Ross Douthat Illness: Lyme Disease, Catholic Suffering And The Frontiers Of Medicine

Ross Douthat ’02, a journalist for the New York Times, has written a heartbreaking and evocative memoir titled “The Deep Places: A Memoir of Illness and Discovery” in which he describes his five-year battle with Lyme disease.

The Gazette spoke with Douthat about his experiences with Lyme disease, the controversies surrounding the disease, his eventual recovery, and the lessons he learned about his own and other people’s suffering. This interview has been condensed and streamlined for readability and length.

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Personal Life

Douthat was born in San Francisco, California on November 28th, 1979, however, he spent much of his childhood in New Haven. Douthat switched religions twice during his formative years, first to Pentecostalism and later, with his family, to Catholicism. Patricia Snow, his mother, is a published author.

Charles Wilbert Snow, his great-grandfather, was the governor of Connecticut. Charles Douthat Sr. is an attorney and poet with a New Haven practice. Abigail Tucker, a journalist for The Baltimore Sun and a writer for Smithsonian, and Ross Douthat tied the knot in 2007. He and his family make their home in New Haven.

As previously mentioned, Douthat has chronic Lyme illness, a condition not acknowledged by conventional medicine despite his claims to the contrary. After relocating to Connecticut with his family in 2015, he began experiencing symptoms shortly thereafter. That’s what his book The Deep Places is about.

A Memoir of Illness and Discovery

The first few chapters of “The Deep Places” flow like a horror film’s opening credits. Ross Douthat, a New York Times columnist, and his wife purchased a 1790s farmhouse on three acres of Connecticut pasture after feeling the tug of home and becoming worn out by life on Capitol Hill.

He’s feeling upbeat and perhaps a little self-satisfied. He explores the backyard meadow on the day of their last home inspection, watches the deer play, and muses that the acquisition “felt like validation that we were on the correct path, that I had planned and toiled and won the things I wanted and that I deserved them.”

But there’s a sinister undertone to the scene—something is waiting in those woods. Douthat is experiencing unusual vibrations in his head and lips, a swollen lymph node, and a stiff neck at home in Washington, D.C. His initial visit to an urgent care provider is diagnosed as a benign boil.

A few weeks later, he experiences a terrifying full-body shutdown that is “as if someone had twisted knobs randomly in all my systems” as he sits in an emergency room at dawn. The emergency room physician blames stress, as do an internist, neurology, rheumatologist, and gastroenterologist on future visits.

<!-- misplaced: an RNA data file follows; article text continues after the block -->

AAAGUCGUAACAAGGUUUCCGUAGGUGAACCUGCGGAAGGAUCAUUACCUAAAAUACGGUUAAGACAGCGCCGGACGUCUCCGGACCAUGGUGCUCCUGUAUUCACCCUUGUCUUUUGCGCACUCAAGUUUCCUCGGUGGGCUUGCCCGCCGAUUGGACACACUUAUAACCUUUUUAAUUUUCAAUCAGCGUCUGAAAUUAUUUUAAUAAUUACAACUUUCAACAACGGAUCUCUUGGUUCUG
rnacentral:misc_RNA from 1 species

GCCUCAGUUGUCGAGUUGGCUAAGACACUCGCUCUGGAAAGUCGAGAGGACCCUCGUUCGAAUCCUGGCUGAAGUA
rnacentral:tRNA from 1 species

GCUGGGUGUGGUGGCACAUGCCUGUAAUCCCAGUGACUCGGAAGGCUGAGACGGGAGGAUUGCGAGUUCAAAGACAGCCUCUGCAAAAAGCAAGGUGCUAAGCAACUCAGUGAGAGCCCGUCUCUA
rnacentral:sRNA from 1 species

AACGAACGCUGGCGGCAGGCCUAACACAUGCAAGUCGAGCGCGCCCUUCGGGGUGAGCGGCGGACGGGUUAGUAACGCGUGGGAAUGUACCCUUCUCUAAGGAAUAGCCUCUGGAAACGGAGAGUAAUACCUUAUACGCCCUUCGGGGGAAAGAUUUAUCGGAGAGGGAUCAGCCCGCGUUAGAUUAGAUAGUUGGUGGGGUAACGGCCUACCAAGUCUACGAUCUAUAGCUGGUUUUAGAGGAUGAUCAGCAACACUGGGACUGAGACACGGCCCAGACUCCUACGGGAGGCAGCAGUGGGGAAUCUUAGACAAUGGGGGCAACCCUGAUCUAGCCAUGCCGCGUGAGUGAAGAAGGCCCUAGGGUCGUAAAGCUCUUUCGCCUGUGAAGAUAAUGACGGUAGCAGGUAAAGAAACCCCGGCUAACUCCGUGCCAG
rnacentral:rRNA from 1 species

A psychiatrist who has seen him 11 times in 10 weeks disagrees. Local physicians only begin to realize that Douthat has a tick-borne illness once he has finished moving up north to Connecticut, the state that bears the moniker Lyme disease.

The results of the tests eventually show Bartonella co-infection and some Lyme antibodies, though not enough to make a conclusive diagnosis. Anyone familiar with the so-called Lyme Wars will predict that the treatment plan is less straightforward.

There are acknowledged hazards and, as of yet, no advantages to long-term antibiotic usage for persistent symptoms. The official recommendation is therefore to essentially wait it out. With various regimens and outcomes, several patients and a dissident group of physicians have disregarded this counsel.

Ross Douthat Illness
Ross Douthat Illness

Ross Douthat Illness

Specifically, two false beliefs are connected. First, all it takes to feel better is a round of antibiotics lasting four to six weeks. Many people believe this because it’s true; most cases of Lyme disease respond well to treatment in less than two weeks.

However, there is a sizable subset of the population for whom this short treatment does not prove effective, leading to persistent symptoms for which the current scientific consensus offers no remedy.

The fundamental issue is that while most people may be effectively treated with relative ease, a sizable minority faces insurmountable challenges. The third common error concerns chronic sickness in general, not only chronic Lyme disease.

When you haven’t had to deal with a chronic illness yourself, it can seem like nothing more than a little upgrade from the typical difficulties of life. Those who aren’t afflicted with a chronic illness may hear a person with a chronic illness complain of a headache, trouble sleeping, or exhaustion and think, “Well, that seems like what everybody goes through sometimes.”

This contributes to the widespread belief that those who suffer from chronic health issues are exaggerating their symptoms or otherwise acting dishonestly. Although these generalizations can indeed be accurate at times, the reality is that most people who suffer from what we call chronic Lyme disease experience something far more debilitating than just weariness or headaches.

This is an agony that never goes away. My goal in writing this book was, in part, to make the point that chronic illness, be it Lyme disease, long-term chronic obstructive pulmonary disease (COPD), chronic fatigue syndrome (CFS), or anything else, is a serious and life-altering issue for those who are affected.

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